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Panel: Advocacy & Food Policy

Sparsha Saha, Nicole Negowetti, Wendi Gosliner

Dr. Wendi Gosliner is a Senior Researcher and Policy Advisor at the Nutrition Policy Institute, University of California, Division of Agriculture and Natural Resources. Her interests focus at the nexus of research, public policy and community-based efforts to improve health. Her work aims to understand and improve policies and programs that affect population health and nutrition, with a focus on eliminating health disparities, improving food security, and addressing food system equity and sustainability. Dr. Gosliner earned a Bachelor’s degree in Nutritional Sciences from Cornell University, and master’s and doctoral degrees in public health from UC Berkeley. In 2013-14, she served as a health policy advisor to the Democratic Leader, Honorable Nancy Pelosi.

Nicole Negowetti is the Senior Director of Policy at the Plant Based Foods Association. She is an attorney, educator, and scholar whose work focuses on the laws and policies shaping the U.S. agriculture and food system. Prior to joining PBFA, Nicole served as a Clinical Instructor and Lecturer on Law at Harvard Law School, where she worked at the Animal Law & Policy Clinic and the Food Law & Policy Clinic in the Center for Health Law and Policy Innovation. Nicole was the first Policy Director of the Good Food Institute, and she also served as an Associate Professor of Law at the Valparaiso University School of Law. Nicole is an advisor to the Food & Nutrition Innovation Institute at the Tufts Friedman School of Nutrition Science and Policy, where she teaches Food Law.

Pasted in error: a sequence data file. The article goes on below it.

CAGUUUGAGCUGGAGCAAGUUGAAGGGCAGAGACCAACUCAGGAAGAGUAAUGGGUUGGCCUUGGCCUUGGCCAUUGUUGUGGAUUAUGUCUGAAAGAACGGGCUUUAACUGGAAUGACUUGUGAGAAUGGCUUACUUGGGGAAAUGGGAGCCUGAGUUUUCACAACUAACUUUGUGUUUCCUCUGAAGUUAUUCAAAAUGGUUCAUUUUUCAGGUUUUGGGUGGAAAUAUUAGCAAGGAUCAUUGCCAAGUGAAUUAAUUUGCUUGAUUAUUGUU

Sparsha Saha is a Lecturer at Harvard University. She teaches a course on animal agriculture and politics, which explores the ethical, environmental, and health costs of animal agriculture. Her current research, the first of its kind in academia, considers how policymakers are constrained by voters when they bring up issues involving animals and what they can do to best frame their message if they want to "start talking about meat." There is not much time left for our species to address and reverse climate change. Our attitudes toward animals, how we expand our moral circle to include them, is central to this challenge in still unrecognized ways, addressing some of the root causes of our environmental dilemmas, including anthropocentrism.

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